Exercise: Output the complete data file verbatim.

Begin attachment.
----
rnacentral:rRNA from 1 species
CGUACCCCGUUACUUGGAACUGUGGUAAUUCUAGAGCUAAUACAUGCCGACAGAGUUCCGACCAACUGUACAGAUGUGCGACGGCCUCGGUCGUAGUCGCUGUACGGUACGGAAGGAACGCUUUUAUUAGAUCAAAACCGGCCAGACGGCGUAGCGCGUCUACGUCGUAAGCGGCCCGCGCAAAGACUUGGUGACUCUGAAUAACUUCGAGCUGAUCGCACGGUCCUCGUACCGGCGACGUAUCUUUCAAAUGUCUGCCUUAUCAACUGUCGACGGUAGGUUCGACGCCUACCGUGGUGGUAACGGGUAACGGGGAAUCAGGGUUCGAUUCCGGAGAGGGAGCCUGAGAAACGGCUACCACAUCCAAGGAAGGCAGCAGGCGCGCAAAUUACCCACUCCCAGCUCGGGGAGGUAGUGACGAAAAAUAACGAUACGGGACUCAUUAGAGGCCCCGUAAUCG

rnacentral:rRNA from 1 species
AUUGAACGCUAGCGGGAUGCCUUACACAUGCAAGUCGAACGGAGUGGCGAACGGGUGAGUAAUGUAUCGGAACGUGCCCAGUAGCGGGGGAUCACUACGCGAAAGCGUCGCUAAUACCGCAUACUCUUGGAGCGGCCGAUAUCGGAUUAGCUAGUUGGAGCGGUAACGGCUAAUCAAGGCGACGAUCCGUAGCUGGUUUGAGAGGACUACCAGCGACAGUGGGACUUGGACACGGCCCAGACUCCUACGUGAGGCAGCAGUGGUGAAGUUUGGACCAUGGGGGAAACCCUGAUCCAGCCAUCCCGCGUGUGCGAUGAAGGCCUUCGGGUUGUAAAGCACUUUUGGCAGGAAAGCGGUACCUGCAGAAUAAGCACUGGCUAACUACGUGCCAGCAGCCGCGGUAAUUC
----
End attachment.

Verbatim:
rnacentral:rRNA from 1 species
CGUACCCCGUUACUUGGAACUGUGGUAAUUCUAGAGCUAAUACAUGCCGACAGAGUUCCGACCAACUGUACAGAUGUGCGACGGCCUCGGUCGUAGUCGCUGUACGGUACGGAAGGAACGCUUUUAUUAGAUCAAAACCGGCCAGACGGCGUAGCGCGUCUACGUCGUAAGCGGCCCGCGCAAAGACUUGGUGACUCUGAAUAACUUCGAGCUGAUCGCACGGUCCUCGUACCGGCGACGUAUCUUUCAAAUGUCUGCCUUAUCAACUGUCGACGGUAGGUUCGACGCCUACCGUGGUGGUAACGGGUAACGGGGAAUCAGGGUUCGAUUCCGGAGAGGGAGCCUGAGAAACGGCUACCACAUCCAAGGAAGGCAGCAGGCGCGCAAAUUACCCACUCCCAGCUCGGGGAGGUAGUGACGAAAAAUAACGAUACGGGACUCAUUAGAGGCCCCGUAAUCG

rnacentral:rRNA from 1 species
AUUGAACGCUAGCGGGAUGCCUUACACAUGCAAGUCGAACGGAGUGGCGAACGGGUGAGUAAUGUAUCGGAACGUGCCCAGUAGCGGGGGAUCACUACGCGAAAGCGUCGCUAAUACCGCAUACUCUUGGAGCGGCCGAUAUCGGAUUAGCUAGUUGGAGCGGUAACGGCUAAUCAAGGCGACGAUCCGUAGCUGGUUUGAGAGGACUACCAGCGACAGUGGGACUUGGACACGGCCCAGACUCCUACGUGAGGCAGCAGUGGUGAAGUUUGGACCAUGGGGGAAACCCUGAUCCAGCCAUCCCGCGUGUGCGAUGAAGGCCUUCGGGUUGUAAAGCACUUUUGGCAGGAAAGCGGUACCUGCAGAAUAAGCACUGGCUAACUACGUGCCAGCAGCCGCGGUAAUUC